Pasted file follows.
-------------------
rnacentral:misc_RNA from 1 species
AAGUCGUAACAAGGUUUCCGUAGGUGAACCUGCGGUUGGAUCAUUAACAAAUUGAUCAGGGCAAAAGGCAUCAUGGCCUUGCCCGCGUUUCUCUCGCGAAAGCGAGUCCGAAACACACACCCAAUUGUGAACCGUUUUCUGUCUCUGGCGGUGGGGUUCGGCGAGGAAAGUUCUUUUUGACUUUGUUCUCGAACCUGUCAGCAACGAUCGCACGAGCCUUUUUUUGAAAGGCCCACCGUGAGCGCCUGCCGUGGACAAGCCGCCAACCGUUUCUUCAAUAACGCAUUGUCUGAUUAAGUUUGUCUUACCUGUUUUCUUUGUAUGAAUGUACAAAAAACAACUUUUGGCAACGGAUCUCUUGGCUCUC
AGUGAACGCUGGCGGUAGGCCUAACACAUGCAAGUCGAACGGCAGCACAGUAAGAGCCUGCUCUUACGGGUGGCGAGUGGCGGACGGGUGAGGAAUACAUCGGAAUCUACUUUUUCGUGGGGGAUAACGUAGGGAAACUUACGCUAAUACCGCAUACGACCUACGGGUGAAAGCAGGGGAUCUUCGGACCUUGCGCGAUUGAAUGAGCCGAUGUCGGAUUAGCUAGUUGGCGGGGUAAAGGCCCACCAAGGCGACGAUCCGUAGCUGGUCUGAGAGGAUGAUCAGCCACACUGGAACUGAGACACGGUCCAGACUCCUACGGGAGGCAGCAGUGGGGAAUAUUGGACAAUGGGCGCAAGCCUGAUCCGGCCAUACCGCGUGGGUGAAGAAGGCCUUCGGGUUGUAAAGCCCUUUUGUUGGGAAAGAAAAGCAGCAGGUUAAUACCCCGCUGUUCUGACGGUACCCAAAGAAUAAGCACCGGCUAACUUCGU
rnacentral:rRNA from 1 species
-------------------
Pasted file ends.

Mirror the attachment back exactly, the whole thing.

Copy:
rnacentral:misc_RNA from 1 species
AAGUCGUAACAAGGUUUCCGUAGGUGAACCUGCGGUUGGAUCAUUAACAAAUUGAUCAGGGCAAAAGGCAUCAUGGCCUUGCCCGCGUUUCUCUCGCGAAAGCGAGUCCGAAACACACACCCAAUUGUGAACCGUUUUCUGUCUCUGGCGGUGGGGUUCGGCGAGGAAAGUUCUUUUUGACUUUGUUCUCGAACCUGUCAGCAACGAUCGCACGAGCCUUUUUUUGAAAGGCCCACCGUGAGCGCCUGCCGUGGACAAGCCGCCAACCGUUUCUUCAAUAACGCAUUGUCUGAUUAAGUUUGUCUUACCUGUUUUCUUUGUAUGAAUGUACAAAAAACAACUUUUGGCAACGGAUCUCUUGGCUCUC
AGUGAACGCUGGCGGUAGGCCUAACACAUGCAAGUCGAACGGCAGCACAGUAAGAGCCUGCUCUUACGGGUGGCGAGUGGCGGACGGGUGAGGAAUACAUCGGAAUCUACUUUUUCGUGGGGGAUAACGUAGGGAAACUUACGCUAAUACCGCAUACGACCUACGGGUGAAAGCAGGGGAUCUUCGGACCUUGCGCGAUUGAAUGAGCCGAUGUCGGAUUAGCUAGUUGGCGGGGUAAAGGCCCACCAAGGCGACGAUCCGUAGCUGGUCUGAGAGGAUGAUCAGCCACACUGGAACUGAGACACGGUCCAGACUCCUACGGGAGGCAGCAGUGGGGAAUAUUGGACAAUGGGCGCAAGCCUGAUCCGGCCAUACCGCGUGGGUGAAGAAGGCCUUCGGGUUGUAAAGCCCUUUUGUUGGGAAAGAAAAGCAGCAGGUUAAUACCCCGCUGUUCUGACGGUACCCAAAGAAUAAGCACCGGCUAACUUCGU
rnacentral:rRNA from 1 species